It now looks like lenders have scraped the bottom of the credit barrel, which means that this one-time boost to consumption is over: recent inventory figures, which show the highest level of auto inventory to sales since the GFC, indicate that the industry may have gotten the memo late.  Again.  In fact, the inventory to sales ratio for the entire US economy is also the highest number since the GFC.

 

4-auto inventories to salesUS automotive inventories to sales ratio

 

The commodities boom, manufactured by excess credit in China and directly in the countries that produced the stuff, died a long time ago.  This drove a lot of the demand in the US capital goods sector.  Companies such as Caterpillar have now experienced 34 straight months of declining sales.  So much for the “renaissance” of US manufacturing.

Our old favorite, real estate (particularly in coastal or “gateway” cities around the world), had also been bubbly.  This is now over.  As I indicated before, this canary in the coal mine is now looking decidedly sickly.  Upper end house markets are turning down in prices like London and New York City, and undoubtedly with a vengeance in San Francisco and Silicon Valley.

My contacts within the UK commercial real estate market indicate that rental growth and cap rate compression have come to a full stop, and the UK institutions are looking to dump their real estate holdings onto backward-looking foreigners.

 

Lower_for_longer_cartoon_05.28.2015_largeA minute of silence for those no longer with us…

 

Weakness Around the World

The US can, of course, expect absolutely no help from the rest of the world.  Seventy percent of the manufacturing PMIs around the world declined in February.  International trade is collapsing, including the latest prints from China, which showed sharp falls in exports and imports, numbers validated by the figures coming out of other countries in the region.  This is another sickly canary.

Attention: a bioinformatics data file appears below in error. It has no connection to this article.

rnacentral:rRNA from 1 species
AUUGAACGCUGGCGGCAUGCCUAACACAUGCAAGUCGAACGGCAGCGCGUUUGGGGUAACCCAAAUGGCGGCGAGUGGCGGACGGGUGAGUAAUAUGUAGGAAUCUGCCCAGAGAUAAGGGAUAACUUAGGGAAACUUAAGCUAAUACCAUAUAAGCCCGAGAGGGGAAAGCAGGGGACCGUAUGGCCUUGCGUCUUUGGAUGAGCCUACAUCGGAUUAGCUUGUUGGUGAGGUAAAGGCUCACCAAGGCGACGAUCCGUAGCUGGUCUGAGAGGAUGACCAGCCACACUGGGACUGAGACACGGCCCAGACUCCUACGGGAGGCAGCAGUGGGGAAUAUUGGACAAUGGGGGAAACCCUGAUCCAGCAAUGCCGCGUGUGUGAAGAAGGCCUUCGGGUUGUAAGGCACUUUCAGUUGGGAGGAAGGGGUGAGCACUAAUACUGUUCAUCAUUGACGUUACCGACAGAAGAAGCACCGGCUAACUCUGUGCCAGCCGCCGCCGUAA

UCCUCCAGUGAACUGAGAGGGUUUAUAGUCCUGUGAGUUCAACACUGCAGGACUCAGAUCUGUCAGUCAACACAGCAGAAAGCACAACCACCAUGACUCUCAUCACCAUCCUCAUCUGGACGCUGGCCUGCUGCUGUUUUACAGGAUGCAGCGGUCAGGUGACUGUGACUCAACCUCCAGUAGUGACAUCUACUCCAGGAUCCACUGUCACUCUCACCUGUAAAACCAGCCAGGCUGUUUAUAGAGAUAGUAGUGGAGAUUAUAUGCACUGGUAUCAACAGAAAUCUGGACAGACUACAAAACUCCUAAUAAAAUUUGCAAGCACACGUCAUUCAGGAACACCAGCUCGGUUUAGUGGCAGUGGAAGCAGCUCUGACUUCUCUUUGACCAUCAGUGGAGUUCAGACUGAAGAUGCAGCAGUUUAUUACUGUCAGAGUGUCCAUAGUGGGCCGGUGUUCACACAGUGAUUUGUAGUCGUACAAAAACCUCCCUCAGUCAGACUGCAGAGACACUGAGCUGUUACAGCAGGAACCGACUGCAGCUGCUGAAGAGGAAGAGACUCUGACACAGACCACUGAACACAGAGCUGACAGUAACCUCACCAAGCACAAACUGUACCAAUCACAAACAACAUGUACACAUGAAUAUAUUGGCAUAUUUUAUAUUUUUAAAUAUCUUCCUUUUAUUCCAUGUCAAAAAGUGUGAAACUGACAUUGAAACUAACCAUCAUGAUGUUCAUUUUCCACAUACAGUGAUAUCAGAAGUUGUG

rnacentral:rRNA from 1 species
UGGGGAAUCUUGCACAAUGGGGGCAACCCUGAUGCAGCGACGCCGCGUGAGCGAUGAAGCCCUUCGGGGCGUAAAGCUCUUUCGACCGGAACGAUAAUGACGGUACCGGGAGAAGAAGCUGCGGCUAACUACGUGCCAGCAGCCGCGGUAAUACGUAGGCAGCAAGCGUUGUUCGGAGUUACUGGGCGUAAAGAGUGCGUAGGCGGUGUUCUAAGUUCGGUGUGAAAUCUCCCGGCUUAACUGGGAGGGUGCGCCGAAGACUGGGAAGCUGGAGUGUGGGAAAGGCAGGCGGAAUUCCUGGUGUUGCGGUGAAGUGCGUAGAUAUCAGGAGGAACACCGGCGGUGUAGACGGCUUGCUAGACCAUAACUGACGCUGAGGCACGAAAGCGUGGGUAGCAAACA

The emerging markets are in a shambles, led by the former BRIC stars.  Japan goes in and out of recession with the blink of an eye.  Europe is growing slowly, at best, with some major black swans circling (Brexit, the migrant crisis, populist parties, unresolved Greek debt issues, unstable or un-formable governments, continued rumblings out of the banks, etc.).

 

5-global-manufacturingGlobal manufacturing: in a downtrend since 2014 (i.e., since the “tapering” and eventual end of QE3) – click to enlarge.

 

I put the probability of a US recession this year at 50% to 75%.  If it weren’t for the possibility of strong consumption growth, aided by low energy prices, I would put the probability even higher.  But I don’t think that even this will be enough since the added fillip of increased borrowing is unavailable.

The recession should be strongly manifest just at about the time US voters are entering the polling booth.  The Democrats got their timing right in the 1992 and 2008 elections, but I don’t think that they will be lucky this time around.  Hillary Clinton may come to regret her decision to run on Obama’s economic record.

 

popularityShe’s in a mild uptrend…

Cartoon by Marshall Ramsey

 

Charts by: St. Louis Federal Reserve Research, Baker Hughes / Bonner and Partners, Zerohedge, Bloomberg

 

Chart and image captions by PT

 

This article was originally posted at Economic Man.

 

Roger Barris is an American who has lived in Europe for over 20 years, now based in the UK. Although basically retired now, he previously had senior positions at Goldman Sachs, Deutsche Bank, Merrill Lynch and his own firm, initially in structured finance and latterly in principal and fiduciary investing, focussing on real estate. He has a BA in Economics from Bowdoin College (summa cum laude) and an MBA in Finance from the University of Michigan (highest honors).

 

 

 

Emigrate While You Can... Learn More

 


 

 
 

Dear Readers!

You may have noticed that our so-called “semiannual” funding drive, which started sometime in the summer if memory serves, has seamlessly segued into the winter. In fact, the year is almost over! We assure you this is not merely evidence of our chutzpa; rather, it is indicative of the fact that ad income still needs to be supplemented in order to support upkeep of the site. Naturally, the traditional benefits that can be spontaneously triggered by donations to this site remain operative regardless of the season - ranging from a boost to general well-being/happiness (inter alia featuring improved sleep & appetite), children including you in their songs, up to the likely allotment of privileges in the afterlife, etc., etc., but the Christmas season is probably an especially propitious time to cross our palms with silver. A special thank you to all readers who have already chipped in, your generosity is greatly appreciated. Regardless of that, we are honored by everybody's readership and hope we have managed to add a little value to your life.

   

Bitcoin address: 12vB2LeWQNjWh59tyfWw23ySqJ9kTfJifA

   
 

Your comment:

You must be logged in to post a comment.

Most read in the last 20 days:

  • Trade War Game On!